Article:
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DVDPhreak

"Fred" Hitchcock?

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Eva Marie Saint appeared on last night's Oscarcast and referred to her "North by Northwest" director as "Fred Hitchcock."  Was that a misread or an actual reference?  Any known proof of Hitchcock having been called "Fred" before?  I have never seen that moniker used in print or anywhere else.  The director went by "Hitch" the most, as we all know.

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She was probably just as confused when she talked about being directed by Lainie Kazan in On The Waterfront.

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A short form of "Alfred" is Fred. Alfred Hitchcock probably didn't mind being called Fred. He had a thing for some of the female actresses in his movies. 
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When Ms. Saint said that she was older than Oscar, I thought it was a joke (Jane Fonda and Helen Mirren made a similar joke about the age of Oscar relative to themselves later in the show), but it wasn't! Though she was playing a college-age girl in On the Waterfront, like Dustin Hoffman in The Graduate, she was actually 29. So, 64 years later, she's 93! And looks great.

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12 hours ago, Diana101 said:
A short form of "Alfred" is Fred. Alfred Hitchcock probably didn't mind being called Fred. He had a thing for some of the female actresses in his movies. 

Actually, some might consider "AL" to be a short form.  Of course that's all weirdness.  How some get "Jack" from John, or "Hank" from Henry is beyond me. "Short forms" do often seem to be arbitrary.  I do still laugh at Ms. Allen's take....  "My name's Grace, but I'm GRACIE for short." ;)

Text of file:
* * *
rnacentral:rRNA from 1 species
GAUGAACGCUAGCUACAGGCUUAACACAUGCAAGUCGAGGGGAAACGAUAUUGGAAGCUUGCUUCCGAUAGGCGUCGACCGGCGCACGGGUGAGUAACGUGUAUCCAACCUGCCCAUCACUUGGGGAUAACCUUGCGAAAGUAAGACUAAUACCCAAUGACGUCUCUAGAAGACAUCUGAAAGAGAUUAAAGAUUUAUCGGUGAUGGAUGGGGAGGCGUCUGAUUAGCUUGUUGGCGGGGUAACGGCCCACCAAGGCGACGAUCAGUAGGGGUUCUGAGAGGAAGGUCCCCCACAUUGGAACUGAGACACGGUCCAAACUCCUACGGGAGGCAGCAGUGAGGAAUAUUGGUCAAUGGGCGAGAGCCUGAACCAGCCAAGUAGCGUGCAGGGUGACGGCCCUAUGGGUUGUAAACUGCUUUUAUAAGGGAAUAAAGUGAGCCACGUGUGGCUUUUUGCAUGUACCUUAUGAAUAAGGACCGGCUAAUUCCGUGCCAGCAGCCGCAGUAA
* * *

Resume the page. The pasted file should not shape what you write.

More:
But I do wonder.....

When that one movie came out and was so popular, did anyone joke around and ever call Mr. Hitchcock "ALFIE"? 

Sepiatone(or 'Tone ;)  )

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17 minutes ago, Sepiatone said:

Actually, some might consider "AL" to be a short form.  Of course that's all weirdness.  How some get "Jack" from John, or "Hank" from Henry is beyond me. "Short forms" do often seem to be arbitrary.

Or Alf, if you're a resident alien like Hitch was until he naturalized...

MV5BYmRhNzk2YWUtNWIxNC00YWM3LWI5ODEtN2Iw

Charles to Chuck took me a while to get used to, as that shortform is rarely used on the other side of the pond.

Here's some more, including a couple that I've never come across (Margaret -> Peggy?):

https://people.howstuffworks.com/why-is-chuck-short-for-charles-and-dick-short-for-richard.htm

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Actually, I understand the portly director didn't much care how his name might have been shortened. "Al", "Alf", "Fred" or "Hitch" were supposedly fine by him.

Nope, as I believe it was in fact the man himself who coined that old phrase...

Irving+Penn+Hitchcock.jpeg

"You can call me anything you want. Just don't call me 'late for dinner'!"

 

 

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19 minutes ago, Dargo said:

Actually, I understand the portly director didn't much care how his name might have been shortened. "Al", "Alf", "Fred" or "Hitch" were supposedly fine by him.

Nope, as I believe it was in fact the man himself who coined that old phrase...

Irving+Penn+Hitchcock.jpeg

"You can call me anything you want. Just don't call me 'late for dinner'!"

 

 

By the looks of him, no one ever did.

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9 minutes ago, scsu1975 said:

By the looks of him, no one ever did.

Ahem!

Hitchockcameo.jpg

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6 minutes ago, limey said:

Ahem!

Hitchockcameo.jpg

Ah! Hitch's "cameo" in Lifeboat.

(...good one, limey ol' boy!)

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48 minutes ago, scsu1975 said:

By the looks of him, no one ever did.